shore.  But the show was over in moments and no one heard our

protests anyways.  The next morning the boat was covered in ash.

We moved to a spot in front of a different non-fireworks generating

resort, and ended up moving yet again during our stay.  But life on

shore was so much fun it was worth a little discomfort on the water.

We accidentally came across our friend Bob from the charter sailboat

L'Attitude 32 in the marina.  After we met him at the Police Dock in San

Diego, he had sailed south with the Baja Ha-Ha fleet.  He instantly

tossed cold beers our way when he saw us in our dinghy.  On another

day we dinghied up to a pirate looking ship in the anchorage and they too tossed cold beers down to us.  That's the nature of

this town:  friendly, happy, and warm.  The only requirements are that you must drink beer and you must spend money with

total abandon.  We enjoyed some of the former but avoided much the latter.  When Mark casually asked at Marina Cabo San

Lucas what it would cost to park our boat there overnight, the lady said, "171."  Mark shrugged, thinking she meant 171 pesos,

about $15.  But she meant 171 US dollars.  For one night.  In our own boat.  With our own linens, and our own mattress and

our own bathroom.  And no maid service.

We wandered around the other side of the marina, still in search of the Port

Captain.  An agent had left a note on our boat saying we owed 130 pesos per

night for staying in the anchorage.  But they didn't say how to pay.  Wanting to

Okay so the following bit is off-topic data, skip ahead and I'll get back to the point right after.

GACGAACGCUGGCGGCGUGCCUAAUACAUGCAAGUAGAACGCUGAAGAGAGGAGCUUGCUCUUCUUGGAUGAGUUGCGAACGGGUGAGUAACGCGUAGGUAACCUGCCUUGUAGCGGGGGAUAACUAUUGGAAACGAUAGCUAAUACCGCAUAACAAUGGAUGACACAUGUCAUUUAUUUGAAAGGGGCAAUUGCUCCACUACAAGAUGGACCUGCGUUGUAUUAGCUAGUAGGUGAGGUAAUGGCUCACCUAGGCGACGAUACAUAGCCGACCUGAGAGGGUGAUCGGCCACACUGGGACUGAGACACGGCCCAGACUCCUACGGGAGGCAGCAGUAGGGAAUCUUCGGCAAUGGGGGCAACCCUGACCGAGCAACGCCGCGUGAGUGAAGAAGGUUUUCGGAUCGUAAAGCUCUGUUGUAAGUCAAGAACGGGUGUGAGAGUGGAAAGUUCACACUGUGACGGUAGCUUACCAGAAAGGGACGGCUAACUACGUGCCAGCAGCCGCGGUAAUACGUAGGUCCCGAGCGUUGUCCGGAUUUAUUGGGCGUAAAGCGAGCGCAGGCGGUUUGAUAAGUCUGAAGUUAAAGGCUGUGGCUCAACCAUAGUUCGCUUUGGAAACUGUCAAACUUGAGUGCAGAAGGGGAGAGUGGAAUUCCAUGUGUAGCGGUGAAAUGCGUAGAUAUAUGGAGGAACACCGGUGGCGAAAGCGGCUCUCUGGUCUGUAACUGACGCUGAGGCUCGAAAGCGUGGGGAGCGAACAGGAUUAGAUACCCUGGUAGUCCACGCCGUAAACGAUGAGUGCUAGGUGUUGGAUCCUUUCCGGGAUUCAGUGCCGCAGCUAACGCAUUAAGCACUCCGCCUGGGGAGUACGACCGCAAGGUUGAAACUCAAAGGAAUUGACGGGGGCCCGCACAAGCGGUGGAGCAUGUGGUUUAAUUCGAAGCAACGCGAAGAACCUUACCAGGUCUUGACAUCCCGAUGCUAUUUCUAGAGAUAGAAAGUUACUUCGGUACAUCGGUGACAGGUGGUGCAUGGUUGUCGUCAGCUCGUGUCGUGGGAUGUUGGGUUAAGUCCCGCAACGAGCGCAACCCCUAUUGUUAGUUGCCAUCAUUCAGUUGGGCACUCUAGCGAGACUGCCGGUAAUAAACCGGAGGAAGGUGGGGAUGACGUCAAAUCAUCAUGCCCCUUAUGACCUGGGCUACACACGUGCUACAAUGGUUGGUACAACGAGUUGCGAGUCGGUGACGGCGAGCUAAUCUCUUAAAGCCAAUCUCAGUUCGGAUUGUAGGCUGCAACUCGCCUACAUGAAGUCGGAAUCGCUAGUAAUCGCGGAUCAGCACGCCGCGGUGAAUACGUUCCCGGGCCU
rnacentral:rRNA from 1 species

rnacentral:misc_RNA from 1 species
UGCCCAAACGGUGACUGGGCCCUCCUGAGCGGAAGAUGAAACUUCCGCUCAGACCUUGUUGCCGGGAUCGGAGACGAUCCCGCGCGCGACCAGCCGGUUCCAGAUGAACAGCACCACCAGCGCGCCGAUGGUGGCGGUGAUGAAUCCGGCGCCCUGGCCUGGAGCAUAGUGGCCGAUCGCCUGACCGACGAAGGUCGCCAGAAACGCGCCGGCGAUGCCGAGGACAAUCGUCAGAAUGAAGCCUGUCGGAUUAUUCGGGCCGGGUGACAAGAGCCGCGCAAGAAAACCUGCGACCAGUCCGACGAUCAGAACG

stick to the right side of the law, we were told to hunt down the API Port

Captain, a different person than the regular Port Captain.  But his office was

closed too.  No matter, our search had taken us to a part of town we hadn't

seen yet, filled with more tourist shops and more friendly shopkeepers.  Down

on the docks a man was carving up a huge marlin.  We watched him slice

mammoth steaks from the middle, and then his buddy sawed the beak off with

a handsaw.  They sliced six finger-holes in the skin, and the two men grabbed

the skin through the holes and peeled it back with an enormous tug.  Ugh!  But

I'm sure it tasted delicious.

Sport fishing isn't just for vacationers.  A

pelican took up residence on our bow for a

while, scanning the crystal clear water for

dinner.

A lot of cruisers skip Cabo or stay as short a time as possible.  But we thoroughly enjoyed

ourselves.  We could feel the chill of winter descending, however.  High winds were predicted

for the end of the week, and we knew those winds would bring the end of summer fun to

Cabo.  So we braced ourselves for a 330 mile double overnight passage to Chamela Bay,

the northernmost bay on Mexico's Costa Alegre on the mainland.

Find Cabo on Mexico Maps.

 

 

 

 

 

 

 

 

 

 

 

 

 

 

 

 

 

 

 

 

 

 

 

 

 

 

 

 

 

 

 

 

 

 

 

 

 

 

 

 

 

 

 

 

 

 

 

 

 

 

 

 

 

 

 

 

 

 

 

 

 

 

 

 

 

 

 

 

 

 

 

 

 

 

 

 

 

 

 

 

 

 

 

 

 

 

 

 

 

 

 

 

 

 

 

 

 

 

 

 

 

 

 

 

 

 

 

 

 

 

 

 

 

 

 

 

 

 

 

 

 

 

 

 

 

 

 

 

 

 

 

 

 

 

Pacific Baja – Exploring Mag Bay

sv Groovy - Twizzle Rig (

Our Twizzle Rig takes us